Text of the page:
GENEVA, July 5, 2012 — Two Large Hadron Collider (LHC) experiments presented preliminary results Wednesday that describe a new particle consistent with the long-sought Higgs boson, the famous missing ingredient in the Standard Model of particle physics. The findings could help unlock some of the universe’s deepest secrets.
“We have reached a milestone in our understanding of nature,” said Rolf Heuer, director general of CERN (European Organization for Nuclear Research). “The discovery of a particle consistent with the Higgs boson opens the way to more detailed studies, requiring larger statistics, which will pin down the new particle’s properties and is likely to shed light on other mysteries of our universe.”
The Standard Model of physics describes the fundamental particles from which we, and every visible thing in the universe, are made, and the forces acting between them. All the matter that we can see, however, appears to be no more than about 4 percent of the total. A more exotic version of what has been dubbed the “God particle” could be a bridge to understanding the 96 percent of the universe that remains obscure.
Event recorded with the CMS detector in 2012 at a proton-proton center of mass energy of 8 TeV. The event shows characteristics expected from the decay of the SM Higgs boson to a pair of photons (dashed yellow lines and green towers). The event could also be the result of known Standard Model background processes. (Images: CERN)
Scientists first proposed the existence of the Higgs boson — whose coupling with other particles would determine their mass — in 1964. Experiments at CERN’s LEP collider and at the Tevatron collider at the US Department of Energy’s (DoE) Fermilab have searched for the Higgs boson, but it has eluded discovery.
Only now, after decades of developments in accelerator and detector technology and computing — not to mention advancements in the understanding of the rest of the Standard Model — are scientists approaching the moment of knowing whether the Higgs was the right solution to this problem.
“What we are observing is very likely a new particle with very large mass that would have to be a boson,” said University of California, Santa Barbara, physicist Joe Incandela, a spokesman forthe CMS experiment. “This is potentially a historic and very profound step forward in our understanding of the underlying structure of our universe.”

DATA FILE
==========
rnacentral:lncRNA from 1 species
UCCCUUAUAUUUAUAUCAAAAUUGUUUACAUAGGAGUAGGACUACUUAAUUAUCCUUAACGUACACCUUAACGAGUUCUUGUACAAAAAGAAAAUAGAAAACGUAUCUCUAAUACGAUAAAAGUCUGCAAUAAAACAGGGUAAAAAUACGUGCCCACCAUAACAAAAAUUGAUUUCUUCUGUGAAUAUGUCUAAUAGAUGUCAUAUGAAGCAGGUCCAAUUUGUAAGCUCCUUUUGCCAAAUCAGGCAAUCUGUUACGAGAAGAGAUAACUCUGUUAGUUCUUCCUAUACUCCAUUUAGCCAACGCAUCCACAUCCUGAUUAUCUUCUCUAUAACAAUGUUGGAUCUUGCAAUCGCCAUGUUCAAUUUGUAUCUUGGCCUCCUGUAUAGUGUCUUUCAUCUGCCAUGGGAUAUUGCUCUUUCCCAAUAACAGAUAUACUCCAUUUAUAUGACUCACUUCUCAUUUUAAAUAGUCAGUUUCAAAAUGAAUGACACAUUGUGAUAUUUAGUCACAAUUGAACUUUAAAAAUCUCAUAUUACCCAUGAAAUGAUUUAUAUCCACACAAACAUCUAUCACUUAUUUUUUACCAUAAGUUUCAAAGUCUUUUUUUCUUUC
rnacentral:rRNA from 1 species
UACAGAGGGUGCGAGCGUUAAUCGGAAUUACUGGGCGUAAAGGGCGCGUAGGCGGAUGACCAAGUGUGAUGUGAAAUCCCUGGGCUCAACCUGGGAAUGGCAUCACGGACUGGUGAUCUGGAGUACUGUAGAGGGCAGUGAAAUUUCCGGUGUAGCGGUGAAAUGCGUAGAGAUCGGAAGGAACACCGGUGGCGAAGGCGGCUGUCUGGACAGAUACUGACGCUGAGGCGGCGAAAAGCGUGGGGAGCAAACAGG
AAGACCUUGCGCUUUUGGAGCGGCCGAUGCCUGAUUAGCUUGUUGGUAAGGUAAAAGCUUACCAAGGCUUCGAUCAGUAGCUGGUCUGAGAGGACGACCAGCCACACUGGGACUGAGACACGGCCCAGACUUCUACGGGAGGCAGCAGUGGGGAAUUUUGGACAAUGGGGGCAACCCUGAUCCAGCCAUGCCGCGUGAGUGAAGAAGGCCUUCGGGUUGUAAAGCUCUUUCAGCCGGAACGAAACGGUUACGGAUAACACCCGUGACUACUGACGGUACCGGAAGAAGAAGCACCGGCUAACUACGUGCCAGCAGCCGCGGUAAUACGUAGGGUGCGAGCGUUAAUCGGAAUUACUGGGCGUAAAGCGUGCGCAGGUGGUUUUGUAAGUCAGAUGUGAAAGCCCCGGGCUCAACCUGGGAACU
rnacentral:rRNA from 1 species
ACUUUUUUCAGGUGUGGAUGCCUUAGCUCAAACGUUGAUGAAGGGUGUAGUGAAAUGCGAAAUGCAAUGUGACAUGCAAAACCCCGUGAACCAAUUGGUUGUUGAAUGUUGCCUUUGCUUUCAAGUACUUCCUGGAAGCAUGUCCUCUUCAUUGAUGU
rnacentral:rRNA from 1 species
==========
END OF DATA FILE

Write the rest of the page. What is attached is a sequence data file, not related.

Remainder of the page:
The ATLAS (A Toroidal LHC ApparatuS) and CMS (compact muon solenoid) experiments at CERN released preliminary results of a new particle in the mass region around 125-126 GeV. Publication of the analyses, based on data collected from 2011 and 2012, is expected around the end of the month. A more complete picture of the observations will emerge later in the year after the LHC provides the experiments with more data.
In December, the CMS and ATLAS experiments announced seeing hints of a new particle in their hunt for the Higgs. Since they resumed gathering information in March 2012, both experiments have more than doubled their collected data. Statistical significance of earlier hints at finding the God particle has grown.
Real CMS proton-proton collision events at the Large Hadron Collider in which four high-energy electrons (red towers) are observed. The event shows characteristics expected from the decay of a Higgs boson but is also consistent with background Standard Model physics processes.
“The results are preliminary, but the 5 sigma signal at around 125 GeV we’re seeing is dramatic,” Incandela said. “This is indeed a new particle. We know it must be a boson, and it’s the heaviest boson ever found. The implications are very significant, and it is precisely for this reason that we must be extremely diligent in all of our studies and cross-checks.”
When protons collide in the LHC, their energy is converted into mass and often creates short-lived particles. These particles quickly decay into pairs of lighter, more stable particles that scientists can record with detectors.
Theoretical physicists have predicted the rate at which the Higgs boson will be produced in high-energy proton-proton collisions at the LHC and also how it decays into certain combinations of observable particles. Experimental physicists at the ATLAS and CMS experiments have been studying these collisions, discovering the new particle. They will need to collect more data and run further analysis to determine its properties.
“If the new particle is determined to be the Higgs, attention will turn to a new set of important questions,” said University of California, Irvine, physicist Andy Lankford, deputy spokesman of ATLAS. “Is this a Standard Model Higgs, or is it a variant that indicates new physics and other new particles?”
More than 1700 scientists and graduate students from US institutions — including 89 American universities and seven DoE national laboratories — helped design, build and operate the LHC accelerator and its four particle detectors. The US, through the DoE’s Office of Science and the National Science Foundation, provides support for research and detector operations at the LHC and also supplies computing for the ATLAS and CMS experiments.
For more information, visit: www.cern.ch